But I don't try to hide Mr. Phillips from my students who are learning about managed care. On the contrary: In one exercise I ask them to play the role of a committee of medical directors of an imaginary HMO. (They love the idea of being in charge.) I then ask them to decide whether they would approve coverage of an expensive new treatment for prostate cancer that results in only a small improvement in quality of life for most patients. The students, proudly wielding their understanding of evidence-based medicine, typically vote to deny coverage so that the money can be spent more wisely on something else.

Then I introduce them to Mr. Phillips. I show the photos of him, and I guide them to appreciate his toughness, his humor, and his tenderness and vulnerability. He is the human condition made real, and he is the one person who is now requesting this new treatment. I see the students' faces darken and their bodies tense up. A brave few still volunteer to deny coverage; they want to stay true to the science and to the demands for stewardship of resources.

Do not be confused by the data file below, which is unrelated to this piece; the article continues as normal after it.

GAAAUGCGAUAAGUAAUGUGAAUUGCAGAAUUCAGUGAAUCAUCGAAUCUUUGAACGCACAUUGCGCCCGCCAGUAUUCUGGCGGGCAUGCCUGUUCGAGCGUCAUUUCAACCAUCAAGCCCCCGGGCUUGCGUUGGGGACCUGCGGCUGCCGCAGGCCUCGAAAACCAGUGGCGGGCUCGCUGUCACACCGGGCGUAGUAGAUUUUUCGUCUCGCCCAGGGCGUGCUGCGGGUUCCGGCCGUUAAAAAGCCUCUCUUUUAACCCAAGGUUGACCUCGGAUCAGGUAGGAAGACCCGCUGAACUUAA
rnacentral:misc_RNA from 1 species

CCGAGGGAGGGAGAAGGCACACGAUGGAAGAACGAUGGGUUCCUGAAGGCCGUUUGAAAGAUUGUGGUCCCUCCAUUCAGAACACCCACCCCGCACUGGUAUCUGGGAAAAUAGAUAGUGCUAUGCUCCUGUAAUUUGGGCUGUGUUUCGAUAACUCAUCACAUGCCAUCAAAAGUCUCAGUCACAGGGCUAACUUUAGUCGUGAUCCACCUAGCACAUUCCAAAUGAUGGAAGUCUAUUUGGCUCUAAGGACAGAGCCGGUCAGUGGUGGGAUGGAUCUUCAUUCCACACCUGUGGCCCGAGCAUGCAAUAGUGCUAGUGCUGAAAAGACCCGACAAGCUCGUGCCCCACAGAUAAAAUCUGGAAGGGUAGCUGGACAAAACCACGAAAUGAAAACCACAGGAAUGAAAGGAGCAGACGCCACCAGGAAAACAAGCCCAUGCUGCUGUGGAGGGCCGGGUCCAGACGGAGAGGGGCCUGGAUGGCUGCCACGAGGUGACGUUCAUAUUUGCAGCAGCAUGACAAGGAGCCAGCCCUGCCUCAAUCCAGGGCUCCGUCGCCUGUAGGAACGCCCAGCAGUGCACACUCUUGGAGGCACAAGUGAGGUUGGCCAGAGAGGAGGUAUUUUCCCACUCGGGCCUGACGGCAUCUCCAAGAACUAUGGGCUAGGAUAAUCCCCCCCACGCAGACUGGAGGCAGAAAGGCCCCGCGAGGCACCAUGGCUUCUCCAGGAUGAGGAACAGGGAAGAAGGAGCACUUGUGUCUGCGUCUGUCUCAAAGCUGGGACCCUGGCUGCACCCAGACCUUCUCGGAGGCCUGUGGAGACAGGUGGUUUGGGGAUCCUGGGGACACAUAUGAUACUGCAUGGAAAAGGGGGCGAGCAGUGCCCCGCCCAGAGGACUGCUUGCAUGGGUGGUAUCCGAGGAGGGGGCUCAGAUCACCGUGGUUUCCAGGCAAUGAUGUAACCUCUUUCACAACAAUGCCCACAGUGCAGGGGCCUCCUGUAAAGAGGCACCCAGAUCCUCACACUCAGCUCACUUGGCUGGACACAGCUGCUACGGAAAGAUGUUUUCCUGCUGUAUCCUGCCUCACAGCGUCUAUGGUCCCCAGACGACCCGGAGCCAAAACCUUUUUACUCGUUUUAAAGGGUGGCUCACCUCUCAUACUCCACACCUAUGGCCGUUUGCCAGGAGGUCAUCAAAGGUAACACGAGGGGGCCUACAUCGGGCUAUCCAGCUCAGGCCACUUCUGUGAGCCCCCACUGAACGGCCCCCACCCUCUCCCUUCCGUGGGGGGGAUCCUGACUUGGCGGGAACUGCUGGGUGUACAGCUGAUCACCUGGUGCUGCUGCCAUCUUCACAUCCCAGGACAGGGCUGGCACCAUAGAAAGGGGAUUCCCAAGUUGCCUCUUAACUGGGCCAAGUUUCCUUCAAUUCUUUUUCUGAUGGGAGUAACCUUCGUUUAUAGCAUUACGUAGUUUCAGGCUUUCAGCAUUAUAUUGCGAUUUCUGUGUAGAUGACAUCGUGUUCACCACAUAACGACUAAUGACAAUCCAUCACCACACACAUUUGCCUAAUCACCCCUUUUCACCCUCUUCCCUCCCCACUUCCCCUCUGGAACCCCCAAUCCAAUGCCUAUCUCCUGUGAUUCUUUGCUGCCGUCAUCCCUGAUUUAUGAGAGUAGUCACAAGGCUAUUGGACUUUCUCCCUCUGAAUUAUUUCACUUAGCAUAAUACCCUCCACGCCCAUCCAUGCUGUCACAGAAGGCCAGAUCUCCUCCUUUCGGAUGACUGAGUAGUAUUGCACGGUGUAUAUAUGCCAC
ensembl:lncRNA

I then ask them to consider what words they would use, face to face, to tell Mr. Phillips and his wife that coverage will not be provided. At this point I pause to let everyone feel the silence that washes over the room, a silence that will not soon be broken.

Managed care raises deep questions about what kind of health care we want in this country, and what kind of physicians we want to be. What better time to revisit and refortify the bases in which we ground the very existence of our profession? What a wonderful time to teach medical students and young physicians how to find a way to build trust as we all seek a new sense of moral community in addressing health care's challenges.

The answers to these challenges will not be simple. What I try to leave my students with is the knowledge that the answers should be evidence-based, financially responsible, and community-oriented, but they must also respond to the human need of each patient to trust in his or her doctor. This is a need I want my students, one of whom may one day be at my bedside, to understand, and that's why I ask them to make a "managed care" decision while looking into the eyes of Mr. Phillips—and feeling what it is to be a physician.


The author is grateful to Mr. Phillips' wife, Ann, for providing the photos of her husband and graciously granting permission for their use in this magazine. This article won honorable mention in our 1999 Doctors' Writing Contest.

Steven Pearson. My ethical beacons: Plato, Aristotle ... and Mr. Phillips.

Medical Economics